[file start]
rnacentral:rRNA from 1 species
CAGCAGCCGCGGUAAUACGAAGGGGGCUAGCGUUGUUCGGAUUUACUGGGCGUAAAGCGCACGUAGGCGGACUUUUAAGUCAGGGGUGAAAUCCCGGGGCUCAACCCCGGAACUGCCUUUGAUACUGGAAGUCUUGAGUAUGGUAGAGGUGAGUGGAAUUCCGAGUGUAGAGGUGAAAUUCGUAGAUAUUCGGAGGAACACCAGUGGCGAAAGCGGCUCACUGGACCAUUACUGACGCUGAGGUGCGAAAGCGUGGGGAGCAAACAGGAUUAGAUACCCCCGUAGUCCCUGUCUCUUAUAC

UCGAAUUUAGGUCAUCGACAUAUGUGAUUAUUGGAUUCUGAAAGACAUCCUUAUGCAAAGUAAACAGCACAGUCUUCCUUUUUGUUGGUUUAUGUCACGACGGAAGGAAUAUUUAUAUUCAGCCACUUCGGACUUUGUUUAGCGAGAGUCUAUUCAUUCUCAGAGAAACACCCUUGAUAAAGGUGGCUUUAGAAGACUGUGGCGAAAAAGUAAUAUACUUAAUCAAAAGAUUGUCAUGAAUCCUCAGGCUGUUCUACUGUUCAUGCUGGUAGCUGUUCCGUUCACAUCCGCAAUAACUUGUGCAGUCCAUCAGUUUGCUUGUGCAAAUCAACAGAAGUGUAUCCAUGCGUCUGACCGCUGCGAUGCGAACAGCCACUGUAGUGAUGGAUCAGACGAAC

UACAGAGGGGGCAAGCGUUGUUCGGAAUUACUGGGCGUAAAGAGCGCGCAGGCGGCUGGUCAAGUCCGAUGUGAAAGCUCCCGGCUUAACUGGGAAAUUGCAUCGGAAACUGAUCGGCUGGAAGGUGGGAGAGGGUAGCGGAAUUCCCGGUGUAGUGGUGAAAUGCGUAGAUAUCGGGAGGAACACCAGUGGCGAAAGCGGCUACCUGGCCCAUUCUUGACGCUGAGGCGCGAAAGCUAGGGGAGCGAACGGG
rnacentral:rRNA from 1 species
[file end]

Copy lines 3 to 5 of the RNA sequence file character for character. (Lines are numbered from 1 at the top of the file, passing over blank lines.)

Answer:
UCGAAUUUAGGUCAUCGACAUAUGUGAUUAUUGGAUUCUGAAAGACAUCCUUAUGCAAAGUAAACAGCACAGUCUUCCUUUUUGUUGGUUUAUGUCACGACGGAAGGAAUAUUUAUAUUCAGCCACUUCGGACUUUGUUUAGCGAGAGUCUAUUCAUUCUCAGAGAAACACCCUUGAUAAAGGUGGCUUUAGAAGACUGUGGCGAAAAAGUAAUAUACUUAAUCAAAAGAUUGUCAUGAAUCCUCAGGCUGUUCUACUGUUCAUGCUGGUAGCUGUUCCGUUCACAUCCGCAAUAACUUGUGCAGUCCAUCAGUUUGCUUGUGCAAAUCAACAGAAGUGUAUCCAUGCGUCUGACCGCUGCGAUGCGAACAGCCACUGUAGUGAUGGAUCAGACGAAC

UACAGAGGGGGCAAGCGUUGUUCGGAAUUACUGGGCGUAAAGAGCGCGCAGGCGGCUGGUCAAGUCCGAUGUGAAAGCUCCCGGCUUAACUGGGAAAUUGCAUCGGAAACUGAUCGGCUGGAAGGUGGGAGAGGGUAGCGGAAUUCCCGGUGUAGUGGUGAAAUGCGUAGAUAUCGGGAGGAACACCAGUGGCGAAAGCGGCUACCUGGCCCAUUCUUGACGCUGAGGCGCGAAAGCUAGGGGAGCGAACGGG
rnacentral:rRNA from 1 species